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12 Million People Have Likely Lost Employer-Sponsored Health Insurance Since February

Policymakers should work to delink jobs and access to insurance coverage by expanding public options.

WASHINGTON - Since the onset of the COVID-19 pandemic and shock to the economy, job losses have been consistent with roughly 6.2 million workers losing access to health insurance that they previously got through their own employer. This is the finding in a new paper by EPI Director of Research Josh Bivens and economist Ben Zipperer that surveys the limited data available to infer changes in health insurance coverage since the COVID-19 shock began. For each person who is covered under their own employer’s plan, roughly two people on average are covered through employer-sponsored insurance (ESI) once spouses and dependents are included. This means that closer to 12 million people have been cut off from ESI coverage due to job losses in recent months.

“Because most U.S. workers rely on their employer or a family member’s employer for health insurance, the shock of the coronavirus has cost millions of Americans their jobs and their access to health care in the midst of a public health catastrophe,” said Bivens. “Tying health insurance to the labor market is always terribly inefficient and problematic, but becomes particularly so during times of great labor market churn.”

The authors explain that not every worker who loses ESI  through their own employer necessarily loses all access to health insurance coverage. Some workers formerly covered by their own employer could purchase continuation of benefits coverage (COBRA) or could be picked up on partners’ or parents’ ESI plans. By far the biggest shock absorber responding to the loss of ESI has been expansions of public health insurance rolls, which have clearly begun swelling in recent months. However, public insurance (mostly Medicaid) has not expanded enough to absorb everyone who lost job-based coverage. Medicaid rolls, for example, have likely expanded by more than 4 million since the COVID-19 shock began.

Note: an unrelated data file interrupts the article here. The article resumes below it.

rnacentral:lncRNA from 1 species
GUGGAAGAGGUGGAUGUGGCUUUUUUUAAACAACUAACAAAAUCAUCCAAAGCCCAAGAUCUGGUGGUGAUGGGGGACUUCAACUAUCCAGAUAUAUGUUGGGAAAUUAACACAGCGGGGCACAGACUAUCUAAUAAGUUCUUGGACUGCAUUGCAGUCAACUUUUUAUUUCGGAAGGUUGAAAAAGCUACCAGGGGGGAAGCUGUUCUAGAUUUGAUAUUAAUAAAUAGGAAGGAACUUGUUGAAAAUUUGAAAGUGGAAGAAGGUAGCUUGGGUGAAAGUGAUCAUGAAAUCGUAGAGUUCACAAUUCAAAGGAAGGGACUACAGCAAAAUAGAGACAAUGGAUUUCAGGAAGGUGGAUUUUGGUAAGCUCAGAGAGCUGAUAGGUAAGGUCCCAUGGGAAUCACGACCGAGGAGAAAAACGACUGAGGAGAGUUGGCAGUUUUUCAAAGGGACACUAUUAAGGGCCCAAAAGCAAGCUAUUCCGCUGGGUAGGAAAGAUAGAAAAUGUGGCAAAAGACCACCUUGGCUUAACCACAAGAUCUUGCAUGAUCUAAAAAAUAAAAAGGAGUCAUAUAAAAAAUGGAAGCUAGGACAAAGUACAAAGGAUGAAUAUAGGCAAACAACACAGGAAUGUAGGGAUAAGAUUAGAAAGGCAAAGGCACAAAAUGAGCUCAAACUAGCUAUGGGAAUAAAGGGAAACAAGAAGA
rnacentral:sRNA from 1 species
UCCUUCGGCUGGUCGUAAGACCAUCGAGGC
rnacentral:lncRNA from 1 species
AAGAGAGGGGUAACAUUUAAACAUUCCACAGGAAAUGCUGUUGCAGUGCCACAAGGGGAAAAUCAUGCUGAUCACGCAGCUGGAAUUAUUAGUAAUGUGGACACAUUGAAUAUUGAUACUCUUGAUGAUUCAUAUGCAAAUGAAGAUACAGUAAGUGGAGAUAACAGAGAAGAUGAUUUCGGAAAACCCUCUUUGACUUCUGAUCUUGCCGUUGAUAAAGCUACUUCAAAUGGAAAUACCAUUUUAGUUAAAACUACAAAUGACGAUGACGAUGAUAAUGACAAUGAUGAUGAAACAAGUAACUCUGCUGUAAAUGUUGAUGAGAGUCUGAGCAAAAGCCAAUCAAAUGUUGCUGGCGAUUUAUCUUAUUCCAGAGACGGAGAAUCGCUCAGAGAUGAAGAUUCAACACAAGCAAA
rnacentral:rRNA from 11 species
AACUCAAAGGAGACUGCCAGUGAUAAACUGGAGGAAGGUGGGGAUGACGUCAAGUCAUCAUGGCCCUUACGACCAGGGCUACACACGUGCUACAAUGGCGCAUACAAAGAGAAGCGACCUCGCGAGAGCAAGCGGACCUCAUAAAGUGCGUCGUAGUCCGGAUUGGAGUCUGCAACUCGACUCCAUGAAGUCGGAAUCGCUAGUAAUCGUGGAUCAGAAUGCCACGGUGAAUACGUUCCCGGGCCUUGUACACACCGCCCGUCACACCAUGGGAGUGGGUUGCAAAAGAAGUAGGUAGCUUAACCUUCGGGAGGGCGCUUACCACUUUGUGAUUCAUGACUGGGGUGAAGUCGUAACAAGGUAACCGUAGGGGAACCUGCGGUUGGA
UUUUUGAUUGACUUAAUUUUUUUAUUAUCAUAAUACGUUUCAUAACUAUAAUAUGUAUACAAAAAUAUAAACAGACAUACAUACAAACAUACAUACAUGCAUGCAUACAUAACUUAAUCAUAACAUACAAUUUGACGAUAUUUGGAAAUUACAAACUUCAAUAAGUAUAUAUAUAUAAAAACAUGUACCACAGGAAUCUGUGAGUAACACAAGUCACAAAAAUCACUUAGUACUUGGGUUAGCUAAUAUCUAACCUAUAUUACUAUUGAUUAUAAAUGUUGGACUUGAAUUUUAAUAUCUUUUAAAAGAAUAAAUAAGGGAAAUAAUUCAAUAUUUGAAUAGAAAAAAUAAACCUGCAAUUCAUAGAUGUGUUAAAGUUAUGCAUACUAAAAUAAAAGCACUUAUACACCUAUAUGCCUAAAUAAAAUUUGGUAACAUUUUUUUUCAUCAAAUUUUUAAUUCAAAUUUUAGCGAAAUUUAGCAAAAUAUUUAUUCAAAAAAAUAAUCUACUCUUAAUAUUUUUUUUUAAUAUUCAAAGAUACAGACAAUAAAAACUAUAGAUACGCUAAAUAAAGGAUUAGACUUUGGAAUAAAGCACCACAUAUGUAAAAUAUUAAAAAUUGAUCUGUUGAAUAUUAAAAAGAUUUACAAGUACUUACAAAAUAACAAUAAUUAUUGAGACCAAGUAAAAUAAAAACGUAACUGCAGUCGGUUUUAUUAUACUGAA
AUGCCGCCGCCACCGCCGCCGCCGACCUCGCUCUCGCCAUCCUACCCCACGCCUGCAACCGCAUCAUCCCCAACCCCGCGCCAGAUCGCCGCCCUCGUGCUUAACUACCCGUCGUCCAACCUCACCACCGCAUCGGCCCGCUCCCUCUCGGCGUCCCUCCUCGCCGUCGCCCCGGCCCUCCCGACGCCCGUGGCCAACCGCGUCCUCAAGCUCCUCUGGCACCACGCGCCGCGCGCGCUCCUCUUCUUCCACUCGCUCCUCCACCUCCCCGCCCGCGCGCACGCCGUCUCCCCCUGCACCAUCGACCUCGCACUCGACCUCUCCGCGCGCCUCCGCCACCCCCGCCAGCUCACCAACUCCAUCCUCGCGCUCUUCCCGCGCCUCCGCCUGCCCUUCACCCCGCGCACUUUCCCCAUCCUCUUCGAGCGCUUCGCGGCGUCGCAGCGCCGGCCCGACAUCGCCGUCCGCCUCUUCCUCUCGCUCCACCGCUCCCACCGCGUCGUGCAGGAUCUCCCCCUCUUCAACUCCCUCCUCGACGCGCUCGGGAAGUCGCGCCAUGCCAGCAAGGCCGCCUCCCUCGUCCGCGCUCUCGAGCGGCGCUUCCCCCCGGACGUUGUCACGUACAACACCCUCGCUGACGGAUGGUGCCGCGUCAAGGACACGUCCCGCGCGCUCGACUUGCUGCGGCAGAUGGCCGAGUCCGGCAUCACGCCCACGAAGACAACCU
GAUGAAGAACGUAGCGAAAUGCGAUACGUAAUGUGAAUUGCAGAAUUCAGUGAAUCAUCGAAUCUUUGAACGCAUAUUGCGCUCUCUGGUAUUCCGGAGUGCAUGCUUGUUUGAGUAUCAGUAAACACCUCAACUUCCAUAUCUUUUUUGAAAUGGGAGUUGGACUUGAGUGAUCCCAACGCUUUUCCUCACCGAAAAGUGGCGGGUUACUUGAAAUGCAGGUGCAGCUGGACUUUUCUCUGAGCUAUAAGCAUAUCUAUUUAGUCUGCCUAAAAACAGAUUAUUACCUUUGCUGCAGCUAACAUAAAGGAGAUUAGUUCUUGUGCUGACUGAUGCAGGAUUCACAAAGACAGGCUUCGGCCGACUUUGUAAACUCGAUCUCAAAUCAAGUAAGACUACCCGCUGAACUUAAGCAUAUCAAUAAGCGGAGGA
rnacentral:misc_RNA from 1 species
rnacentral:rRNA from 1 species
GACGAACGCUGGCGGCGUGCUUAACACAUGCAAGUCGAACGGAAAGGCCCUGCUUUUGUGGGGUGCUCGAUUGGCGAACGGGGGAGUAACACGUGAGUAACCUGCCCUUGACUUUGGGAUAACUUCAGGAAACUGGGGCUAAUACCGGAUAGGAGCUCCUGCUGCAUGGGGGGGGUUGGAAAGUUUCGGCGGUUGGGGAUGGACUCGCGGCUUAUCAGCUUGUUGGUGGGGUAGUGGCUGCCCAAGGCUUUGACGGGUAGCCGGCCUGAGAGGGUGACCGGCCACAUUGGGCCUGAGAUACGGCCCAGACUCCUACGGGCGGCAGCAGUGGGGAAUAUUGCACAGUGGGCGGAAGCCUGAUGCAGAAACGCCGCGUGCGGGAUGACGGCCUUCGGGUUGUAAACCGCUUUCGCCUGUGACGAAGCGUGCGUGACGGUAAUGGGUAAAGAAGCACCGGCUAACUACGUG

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Delinking access to health insurance and specific jobs should be a top policy priority for the long term. The most ambitious and transformational way to sever this link is to make the federal government the payer of first resort for all health care expenses—a “single payer” plan like Medicare for All. Smaller, intermediate steps could lower the age of eligibility for Medicare, raise the income thresholds for Medicaid eligibility, and/or incorporate into the Affordable Care Act marketplace exchanges a public option that enrolls all workers without job-based insurance—or even those with access to ESI if they prefer the public option. Policymakers could also require that employers either provide comprehensive and affordable insurance or pay a fee to help cover the costs of enrolling their workers in the public option. At a minimum, policymakers concerned about Americans’ health security should have the federal government pay for all testing and treatment for COVID-19 related expenses in coming months.

“The coronavirus pandemic has exposed how incomplete and threadbare the U.S. safety net and social insurance system is,” said Zipperer. “In order to help millions of Americans during the pandemic and beyond, policymakers must take swift action to address the inequities and inefficiencies in our health care system.”

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The Economic Policy Institute, a nonprofit Washington D.C. think tank, was created in 1986 to broaden the discussion about economic policy to include the interests of low- and middle-income workers. Today, with global competition expanding, wage inequality rising, and the methods and nature of work changing in fundamental ways, it is as crucial as ever that people who work for a living have a voice in the economic discourse.

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